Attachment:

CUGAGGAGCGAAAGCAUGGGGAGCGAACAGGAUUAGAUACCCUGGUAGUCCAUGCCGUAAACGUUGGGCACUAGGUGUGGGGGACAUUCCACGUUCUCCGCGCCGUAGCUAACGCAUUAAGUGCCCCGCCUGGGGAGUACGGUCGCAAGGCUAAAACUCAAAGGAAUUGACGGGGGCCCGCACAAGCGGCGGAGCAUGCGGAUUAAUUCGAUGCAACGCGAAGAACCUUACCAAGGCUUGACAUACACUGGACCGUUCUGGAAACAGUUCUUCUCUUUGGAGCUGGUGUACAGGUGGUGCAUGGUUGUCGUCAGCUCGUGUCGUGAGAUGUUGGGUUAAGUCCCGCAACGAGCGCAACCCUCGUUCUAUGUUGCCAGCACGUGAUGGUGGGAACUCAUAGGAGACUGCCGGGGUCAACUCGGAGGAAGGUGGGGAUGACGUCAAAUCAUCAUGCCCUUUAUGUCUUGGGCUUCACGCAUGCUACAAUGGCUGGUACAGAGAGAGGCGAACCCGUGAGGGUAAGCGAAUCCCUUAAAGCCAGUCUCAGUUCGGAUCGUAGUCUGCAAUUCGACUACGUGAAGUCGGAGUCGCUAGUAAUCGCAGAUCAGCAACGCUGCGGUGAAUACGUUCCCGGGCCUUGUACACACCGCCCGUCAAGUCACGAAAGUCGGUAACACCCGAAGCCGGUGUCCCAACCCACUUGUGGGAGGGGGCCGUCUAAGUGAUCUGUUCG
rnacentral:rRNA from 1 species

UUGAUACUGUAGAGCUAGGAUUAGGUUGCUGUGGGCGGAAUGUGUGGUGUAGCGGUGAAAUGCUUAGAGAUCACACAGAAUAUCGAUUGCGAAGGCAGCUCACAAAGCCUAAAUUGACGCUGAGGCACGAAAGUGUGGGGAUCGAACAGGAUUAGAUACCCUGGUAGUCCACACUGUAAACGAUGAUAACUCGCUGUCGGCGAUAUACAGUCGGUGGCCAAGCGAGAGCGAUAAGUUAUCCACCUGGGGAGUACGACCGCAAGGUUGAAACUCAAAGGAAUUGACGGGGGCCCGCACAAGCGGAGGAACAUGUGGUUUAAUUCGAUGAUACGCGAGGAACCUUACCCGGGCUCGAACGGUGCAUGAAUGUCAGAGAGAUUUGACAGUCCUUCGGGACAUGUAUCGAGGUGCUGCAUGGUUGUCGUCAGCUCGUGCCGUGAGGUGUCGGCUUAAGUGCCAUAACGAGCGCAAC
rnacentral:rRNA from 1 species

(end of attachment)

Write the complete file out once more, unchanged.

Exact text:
CUGAGGAGCGAAAGCAUGGGGAGCGAACAGGAUUAGAUACCCUGGUAGUCCAUGCCGUAAACGUUGGGCACUAGGUGUGGGGGACAUUCCACGUUCUCCGCGCCGUAGCUAACGCAUUAAGUGCCCCGCCUGGGGAGUACGGUCGCAAGGCUAAAACUCAAAGGAAUUGACGGGGGCCCGCACAAGCGGCGGAGCAUGCGGAUUAAUUCGAUGCAACGCGAAGAACCUUACCAAGGCUUGACAUACACUGGACCGUUCUGGAAACAGUUCUUCUCUUUGGAGCUGGUGUACAGGUGGUGCAUGGUUGUCGUCAGCUCGUGUCGUGAGAUGUUGGGUUAAGUCCCGCAACGAGCGCAACCCUCGUUCUAUGUUGCCAGCACGUGAUGGUGGGAACUCAUAGGAGACUGCCGGGGUCAACUCGGAGGAAGGUGGGGAUGACGUCAAAUCAUCAUGCCCUUUAUGUCUUGGGCUUCACGCAUGCUACAAUGGCUGGUACAGAGAGAGGCGAACCCGUGAGGGUAAGCGAAUCCCUUAAAGCCAGUCUCAGUUCGGAUCGUAGUCUGCAAUUCGACUACGUGAAGUCGGAGUCGCUAGUAAUCGCAGAUCAGCAACGCUGCGGUGAAUACGUUCCCGGGCCUUGUACACACCGCCCGUCAAGUCACGAAAGUCGGUAACACCCGAAGCCGGUGUCCCAACCCACUUGUGGGAGGGGGCCGUCUAAGUGAUCUGUUCG
rnacentral:rRNA from 1 species

UUGAUACUGUAGAGCUAGGAUUAGGUUGCUGUGGGCGGAAUGUGUGGUGUAGCGGUGAAAUGCUUAGAGAUCACACAGAAUAUCGAUUGCGAAGGCAGCUCACAAAGCCUAAAUUGACGCUGAGGCACGAAAGUGUGGGGAUCGAACAGGAUUAGAUACCCUGGUAGUCCACACUGUAAACGAUGAUAACUCGCUGUCGGCGAUAUACAGUCGGUGGCCAAGCGAGAGCGAUAAGUUAUCCACCUGGGGAGUACGACCGCAAGGUUGAAACUCAAAGGAAUUGACGGGGGCCCGCACAAGCGGAGGAACAUGUGGUUUAAUUCGAUGAUACGCGAGGAACCUUACCCGGGCUCGAACGGUGCAUGAAUGUCAGAGAGAUUUGACAGUCCUUCGGGACAUGUAUCGAGGUGCUGCAUGGUUGUCGUCAGCUCGUGCCGUGAGGUGUCGGCUUAAGUGCCAUAACGAGCGCAAC
rnacentral:rRNA from 1 species